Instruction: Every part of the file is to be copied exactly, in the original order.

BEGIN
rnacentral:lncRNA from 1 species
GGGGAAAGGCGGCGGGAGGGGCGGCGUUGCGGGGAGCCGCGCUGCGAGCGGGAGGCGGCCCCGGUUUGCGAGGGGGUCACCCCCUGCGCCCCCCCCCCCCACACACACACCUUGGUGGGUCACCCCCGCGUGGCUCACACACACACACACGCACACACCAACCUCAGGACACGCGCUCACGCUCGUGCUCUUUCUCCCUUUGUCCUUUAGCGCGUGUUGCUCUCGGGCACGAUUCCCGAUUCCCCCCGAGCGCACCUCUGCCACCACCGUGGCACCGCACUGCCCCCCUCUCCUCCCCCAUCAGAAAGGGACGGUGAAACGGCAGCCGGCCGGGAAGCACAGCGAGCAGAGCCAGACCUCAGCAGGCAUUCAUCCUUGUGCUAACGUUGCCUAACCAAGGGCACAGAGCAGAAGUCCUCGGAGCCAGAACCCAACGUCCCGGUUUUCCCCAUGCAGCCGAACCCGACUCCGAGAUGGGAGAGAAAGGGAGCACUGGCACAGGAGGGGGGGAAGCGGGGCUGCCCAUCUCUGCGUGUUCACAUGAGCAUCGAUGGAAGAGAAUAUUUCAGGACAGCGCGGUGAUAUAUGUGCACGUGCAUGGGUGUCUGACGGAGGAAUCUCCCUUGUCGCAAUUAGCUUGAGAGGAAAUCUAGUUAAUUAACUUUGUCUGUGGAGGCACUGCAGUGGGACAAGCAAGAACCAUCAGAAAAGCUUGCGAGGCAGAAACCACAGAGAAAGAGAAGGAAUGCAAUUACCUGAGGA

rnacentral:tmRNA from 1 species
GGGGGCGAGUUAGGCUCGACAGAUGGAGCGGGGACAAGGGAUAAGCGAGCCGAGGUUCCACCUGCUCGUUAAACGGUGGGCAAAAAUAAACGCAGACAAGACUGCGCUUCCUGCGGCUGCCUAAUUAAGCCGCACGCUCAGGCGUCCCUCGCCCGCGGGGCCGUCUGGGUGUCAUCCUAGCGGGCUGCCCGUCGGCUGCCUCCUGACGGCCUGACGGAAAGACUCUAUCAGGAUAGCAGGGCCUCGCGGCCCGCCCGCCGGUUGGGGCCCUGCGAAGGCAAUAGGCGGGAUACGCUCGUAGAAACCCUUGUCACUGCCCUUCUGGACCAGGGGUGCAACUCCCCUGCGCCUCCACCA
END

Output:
rnacentral:lncRNA from 1 species
GGGGAAAGGCGGCGGGAGGGGCGGCGUUGCGGGGAGCCGCGCUGCGAGCGGGAGGCGGCCCCGGUUUGCGAGGGGGUCACCCCCUGCGCCCCCCCCCCCCACACACACACCUUGGUGGGUCACCCCCGCGUGGCUCACACACACACACACGCACACACCAACCUCAGGACACGCGCUCACGCUCGUGCUCUUUCUCCCUUUGUCCUUUAGCGCGUGUUGCUCUCGGGCACGAUUCCCGAUUCCCCCCGAGCGCACCUCUGCCACCACCGUGGCACCGCACUGCCCCCCUCUCCUCCCCCAUCAGAAAGGGACGGUGAAACGGCAGCCGGCCGGGAAGCACAGCGAGCAGAGCCAGACCUCAGCAGGCAUUCAUCCUUGUGCUAACGUUGCCUAACCAAGGGCACAGAGCAGAAGUCCUCGGAGCCAGAACCCAACGUCCCGGUUUUCCCCAUGCAGCCGAACCCGACUCCGAGAUGGGAGAGAAAGGGAGCACUGGCACAGGAGGGGGGGAAGCGGGGCUGCCCAUCUCUGCGUGUUCACAUGAGCAUCGAUGGAAGAGAAUAUUUCAGGACAGCGCGGUGAUAUAUGUGCACGUGCAUGGGUGUCUGACGGAGGAAUCUCCCUUGUCGCAAUUAGCUUGAGAGGAAAUCUAGUUAAUUAACUUUGUCUGUGGAGGCACUGCAGUGGGACAAGCAAGAACCAUCAGAAAAGCUUGCGAGGCAGAAACCACAGAGAAAGAGAAGGAAUGCAAUUACCUGAGGA

rnacentral:tmRNA from 1 species
GGGGGCGAGUUAGGCUCGACAGAUGGAGCGGGGACAAGGGAUAAGCGAGCCGAGGUUCCACCUGCUCGUUAAACGGUGGGCAAAAAUAAACGCAGACAAGACUGCGCUUCCUGCGGCUGCCUAAUUAAGCCGCACGCUCAGGCGUCCCUCGCCCGCGGGGCCGUCUGGGUGUCAUCCUAGCGGGCUGCCCGUCGGCUGCCUCCUGACGGCCUGACGGAAAGACUCUAUCAGGAUAGCAGGGCCUCGCGGCCCGCCCGCCGGUUGGGGCCCUGCGAAGGCAAUAGGCGGGAUACGCUCGUAGAAACCCUUGUCACUGCCCUUCUGGACCAGGGGUGCAACUCCCCUGCGCCUCCACCA